Over the past couple of weeks, we’ve been taking a closer look at the health of the markets.
I explained why I think every investor should start preparing for potential trouble ahead. But I also showed you that our TradeSmith market health tools say it’s still too early to get bearish right now.
So today, I’ll share one more proprietary tool that can help us know when it IS time to take protective action.
It’s called the TradeSmith Bearseye signal. And as I mentioned last week, it’s the most powerful bear market warning system I’ve ever come across.
This tool harnesses the Health and Health Distribution data I showed you last week to generate highly reliable broad market sell signals.
Our research shows that the Bearseye would’ve correctly predicted every bear market and significant market decline over the past few decades.
And it personally allowed me, and thousands of TradeSmith subscribers, to safely get out of the markets before the March 2020 crash.
Here’s how it works…
An index must meet two specific criteria to trigger a Bearseye signal:
- The index itself must be in the TradeSmith Health Indicator Red Zone. (We can track this under the “Health” column of our Market Outlook tool, which I discussed last week.)
- At least 40% of the component stocks that make up that index must also be in the Health Indicator Red Zone, no more than two days after meeting the first criterion. (Again, we can track this under the “Health Distribution” column of our Market Outlook tool.)
To put it simply, the Bearseye is triggered when an index and at least 40% of the stocks that make up that index become “unhealthy” at the same time.
When a Bearseye alert occurs, it appears as a small red crosshair symbol on the charts in our system. This chart of the S&P 500 from last winter shows an example.
That’s all there is to it. But don’t let its simplicity fool you.
As I mentioned before, this signal would’ve gotten you safely out of stocks before every bear market over the past few decades.
Whenever bear markets have occurred, the broad market — as tracked by the S&P 500 — has gone on to fall another 20% on average. Last March, the S&P lost nearly 35% in the weeks following this signal. And many smaller indexes and individual stocks plunged even more.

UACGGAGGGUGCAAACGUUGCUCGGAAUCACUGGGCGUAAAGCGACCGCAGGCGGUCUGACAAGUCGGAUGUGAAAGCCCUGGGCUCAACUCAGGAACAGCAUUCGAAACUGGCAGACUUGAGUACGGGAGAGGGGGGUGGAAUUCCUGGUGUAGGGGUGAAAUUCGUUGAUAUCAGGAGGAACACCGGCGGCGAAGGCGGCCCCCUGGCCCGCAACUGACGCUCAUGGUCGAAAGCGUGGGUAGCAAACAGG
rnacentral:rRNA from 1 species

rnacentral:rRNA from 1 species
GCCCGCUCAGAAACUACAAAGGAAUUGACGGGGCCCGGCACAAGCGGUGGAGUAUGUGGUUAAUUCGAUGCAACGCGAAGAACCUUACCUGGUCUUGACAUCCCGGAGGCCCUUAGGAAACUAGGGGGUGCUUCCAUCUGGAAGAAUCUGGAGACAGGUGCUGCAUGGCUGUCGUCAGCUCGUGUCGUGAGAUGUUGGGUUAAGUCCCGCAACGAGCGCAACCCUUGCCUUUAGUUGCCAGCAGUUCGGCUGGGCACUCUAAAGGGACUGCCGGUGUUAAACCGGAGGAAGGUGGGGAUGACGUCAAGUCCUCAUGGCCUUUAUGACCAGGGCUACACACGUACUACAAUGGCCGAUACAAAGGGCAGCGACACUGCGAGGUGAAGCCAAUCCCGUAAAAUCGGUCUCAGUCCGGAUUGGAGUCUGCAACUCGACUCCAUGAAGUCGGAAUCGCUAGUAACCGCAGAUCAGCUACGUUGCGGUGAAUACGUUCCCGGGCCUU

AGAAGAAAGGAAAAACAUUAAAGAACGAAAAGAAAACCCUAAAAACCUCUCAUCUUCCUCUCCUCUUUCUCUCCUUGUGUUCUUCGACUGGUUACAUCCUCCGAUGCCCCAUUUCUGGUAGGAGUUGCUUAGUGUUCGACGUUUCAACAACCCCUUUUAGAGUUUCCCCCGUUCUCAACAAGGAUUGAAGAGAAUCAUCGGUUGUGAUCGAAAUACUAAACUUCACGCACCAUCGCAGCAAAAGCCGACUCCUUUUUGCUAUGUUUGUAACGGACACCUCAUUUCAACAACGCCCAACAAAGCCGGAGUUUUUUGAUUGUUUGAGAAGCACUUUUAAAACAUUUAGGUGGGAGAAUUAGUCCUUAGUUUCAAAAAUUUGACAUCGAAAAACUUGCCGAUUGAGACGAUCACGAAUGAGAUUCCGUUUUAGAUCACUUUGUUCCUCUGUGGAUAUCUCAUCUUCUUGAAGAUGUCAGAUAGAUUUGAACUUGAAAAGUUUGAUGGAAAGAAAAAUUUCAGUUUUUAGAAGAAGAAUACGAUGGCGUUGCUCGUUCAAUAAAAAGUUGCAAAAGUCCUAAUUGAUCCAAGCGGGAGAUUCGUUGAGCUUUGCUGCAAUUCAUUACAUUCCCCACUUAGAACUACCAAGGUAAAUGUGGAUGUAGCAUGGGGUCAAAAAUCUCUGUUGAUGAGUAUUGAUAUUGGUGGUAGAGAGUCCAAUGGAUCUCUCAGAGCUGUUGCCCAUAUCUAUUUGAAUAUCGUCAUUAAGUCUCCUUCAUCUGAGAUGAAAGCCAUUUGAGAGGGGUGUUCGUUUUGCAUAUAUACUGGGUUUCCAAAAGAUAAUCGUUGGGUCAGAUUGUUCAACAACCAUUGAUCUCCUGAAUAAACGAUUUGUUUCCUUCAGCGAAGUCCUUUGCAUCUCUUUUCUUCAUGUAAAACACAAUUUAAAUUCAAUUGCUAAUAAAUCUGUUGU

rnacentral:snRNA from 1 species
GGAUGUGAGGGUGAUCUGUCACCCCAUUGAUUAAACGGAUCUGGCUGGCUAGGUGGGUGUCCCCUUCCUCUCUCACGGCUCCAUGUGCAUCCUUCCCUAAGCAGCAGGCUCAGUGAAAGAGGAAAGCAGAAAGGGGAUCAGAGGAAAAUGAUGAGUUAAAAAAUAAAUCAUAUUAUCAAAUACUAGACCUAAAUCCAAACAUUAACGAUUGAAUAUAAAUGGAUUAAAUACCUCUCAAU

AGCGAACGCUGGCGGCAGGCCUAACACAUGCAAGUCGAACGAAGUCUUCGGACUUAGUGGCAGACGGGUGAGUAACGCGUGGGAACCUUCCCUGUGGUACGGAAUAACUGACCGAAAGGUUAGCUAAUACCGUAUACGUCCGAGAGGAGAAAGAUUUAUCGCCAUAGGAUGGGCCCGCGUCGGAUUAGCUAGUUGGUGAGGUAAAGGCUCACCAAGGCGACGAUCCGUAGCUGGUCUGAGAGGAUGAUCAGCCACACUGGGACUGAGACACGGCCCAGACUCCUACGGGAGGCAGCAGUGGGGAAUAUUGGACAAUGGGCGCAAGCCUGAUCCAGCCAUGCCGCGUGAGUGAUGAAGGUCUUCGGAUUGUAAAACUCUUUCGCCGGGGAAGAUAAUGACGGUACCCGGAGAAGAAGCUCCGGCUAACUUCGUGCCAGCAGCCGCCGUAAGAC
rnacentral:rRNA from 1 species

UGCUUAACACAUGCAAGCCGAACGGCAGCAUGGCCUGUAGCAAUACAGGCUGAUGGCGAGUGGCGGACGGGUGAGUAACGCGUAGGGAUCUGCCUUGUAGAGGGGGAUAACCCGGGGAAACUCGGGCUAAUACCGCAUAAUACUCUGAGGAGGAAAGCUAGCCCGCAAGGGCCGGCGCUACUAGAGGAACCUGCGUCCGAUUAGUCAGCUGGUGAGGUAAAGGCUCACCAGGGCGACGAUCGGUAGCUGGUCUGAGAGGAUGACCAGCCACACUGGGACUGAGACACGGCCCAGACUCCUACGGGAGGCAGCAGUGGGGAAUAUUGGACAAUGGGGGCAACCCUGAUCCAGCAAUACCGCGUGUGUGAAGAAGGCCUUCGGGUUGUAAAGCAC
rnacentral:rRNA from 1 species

Now, if you’re a regular Money Talks reader, you know I love trailing stop losses — especially the smart trailing stops we’ve created for TradeSmith subscribers.
They’re a great way to reduce your risk in any investment. But they can also help you maximize your gains by keeping you from selling a winner too early. So, I generally recommend letting your trailing stops tell you when to sell any individual stock or asset.
But I’m willing to break the rules for our Bearseye signal.
Whenever a Bearseye signal triggers in an index, I believe the safest thing to do is to get out of any stocks in that index immediately.
And if several Bearseye signals trigger in multiple indexes at the same time (like we saw in February 2020), I would recommend getting out of the markets altogether.
That’s exactly what I did last year, and I’m so grateful that I did.
It saved me a ton of unnecessary stress and anxiety when the market was crashing. And it ensured I had plenty of cash available to pick up bargains when the market bottomed several weeks later.
Now, typically the Bearseye signal is only available to folks with access to our market health tools. That includes Ideas by TradeSmith subscribers, as well as TradeSmith Platinum and Trade360 members.
But as I’ve told you since the beginning, my goal in Money Talks is to educate and empower you, not to promote TradeSmith products. So I’m going to make an exception and do something we’ve never done before:
I’m going to notify ALL Money Talks readers — whether you’re currently a TradeSmith subscriber or not — when the next Bearseye signals appear in any of the major market indexes we follow.
It’s just a small way of saying “thank you” for being a loyal Money Talks reader.
As always, if you have any questions or comments on the Bearseye or anything else we’ve covered, I’d love to hear from you at [email protected]. I can’t respond to every email, but I promise to read them all.